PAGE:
By: Steven Feuerstein On: December 8, 2021 In: APEX Developer Solutions, Feuertips Comments: 0

Well, that’s what it should say, anyway.

The most important job of a compiler is to transform code written in our high-level (comprehensible to humans) languages into bits and bytes that direct the hardware to do our bidding.

But ever since Oracle Database 10g, the PL/SQL compiler also:

  • Automatically optimizes our code to improve performance
  • Makes suggestions on improving the performance, correctness, and maintainability of our code.

Well, that’s what it can do, if you let it.

By default, the PL/SQL optimization level is set to 2, which means it performs almost all available optimizations. If you up that level to 3, you also benefit from the inlining of subprograms. But very few organizations change the level from 2, so chances are PL/SQL is automatically optimizing your code’s performance.

Most developers do not, however, take advantage of the compiler’s ability to make those improvement suggestions. That’s because this feature – which is called compile-time warnings – is turned off by default. Which I think was a mistake. But no one asked me.

What the compiler can detect automatically about your code is nothing short of amazing. Revelations (can) include:

  • Lines of code that are unreachable (cannot possibly be executed)
  • Functions that will not return a value when executed
  • Run-time errors (identified at the time of compilation), like dividing a number by 0 or trying to stuff “abcde” into a varchar2(3) variable

You can even ask the compiler to treat really serious warnings as actual errors so that your code will not compile and cannot be run until you address those issues.

The bottom line?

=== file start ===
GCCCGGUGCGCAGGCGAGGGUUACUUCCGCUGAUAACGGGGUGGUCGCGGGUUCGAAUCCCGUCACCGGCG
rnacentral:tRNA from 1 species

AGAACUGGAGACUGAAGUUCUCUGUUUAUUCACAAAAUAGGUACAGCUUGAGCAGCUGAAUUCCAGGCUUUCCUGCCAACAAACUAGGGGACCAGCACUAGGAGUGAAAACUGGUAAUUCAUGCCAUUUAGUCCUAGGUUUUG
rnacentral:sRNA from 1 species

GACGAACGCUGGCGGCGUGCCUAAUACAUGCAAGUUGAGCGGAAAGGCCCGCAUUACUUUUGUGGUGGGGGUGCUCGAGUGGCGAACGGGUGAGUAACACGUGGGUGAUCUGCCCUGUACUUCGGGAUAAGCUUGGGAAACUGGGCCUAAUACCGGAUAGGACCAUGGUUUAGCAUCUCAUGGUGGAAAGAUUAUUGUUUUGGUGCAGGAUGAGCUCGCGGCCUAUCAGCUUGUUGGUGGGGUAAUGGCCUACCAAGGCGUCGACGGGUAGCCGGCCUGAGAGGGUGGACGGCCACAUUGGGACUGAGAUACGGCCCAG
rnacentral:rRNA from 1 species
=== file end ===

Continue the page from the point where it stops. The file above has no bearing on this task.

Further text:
You should always have compile-time warnings enabled in your session. The best way to do this is to set up your IDE or code editor so that it automatically executes a script to turn them on.

In SQL Developer, this is available in Preferences / Database / PL/SQL Compiler.

If you want to do something more nuanced, like “Change these three specific warnings to errors, all others simply enabled” then you will need to execute an alter session statement along these lines:

alter session set plsql_warnings =






Rather than show you lots of examples in this post, I leave it to you to explore the resources below.

So: no more excuses. You’ve been warned!


Go exploring! Check out the PL/SQL documentation on the warnings feature. Explore all the warnings (PLW-NNNNN) in the Error Messages manual. Learn how to turn on warnings in SQL Developer, run the LiveSQL scripts that demonstrate the power of the warnings analysis.

Compile-time Warnings  (doc)

Error Messages: PL/SQL warnings  (doc)

PLSQL Warning Messages in Oracle SQL Developer (Jeff Smith blog)

Three tips for getting started right with Oracle Database development (SF blog)

Lint Checkers for PL/SQL (SF blog)

Oracle LiveSQL scripts 

Warning demo scripts (the plw*.sql files in this zip are all demos of compile-time warnings)


Every Wednesday at 11 am ET, I go live on YouTube and Facebook with Michelle Skamene to provide you with a not-to-be-missed PL/SQL tip and fun conversation. Sure, we record it so you can always watch later, but live is so much more rewarding!
Speaking of rewards, Steven finishes each show with a quick quiz to see if you were listening. Participation, of course, is optional!
One lucky quiz answerer will be selected at random to choose from three organizations dedicated to the preservation of our planet and its biodiversity: The Sheldrick Wildlife Trust, The Center for Biological Diversity, and Earthwatch.
Insum will then make a donation of $25 to that group in your name.
What could be better than leveling up your PL/SQL tips and helping one of these worthy organizations? Join us Wednesdays at 11!
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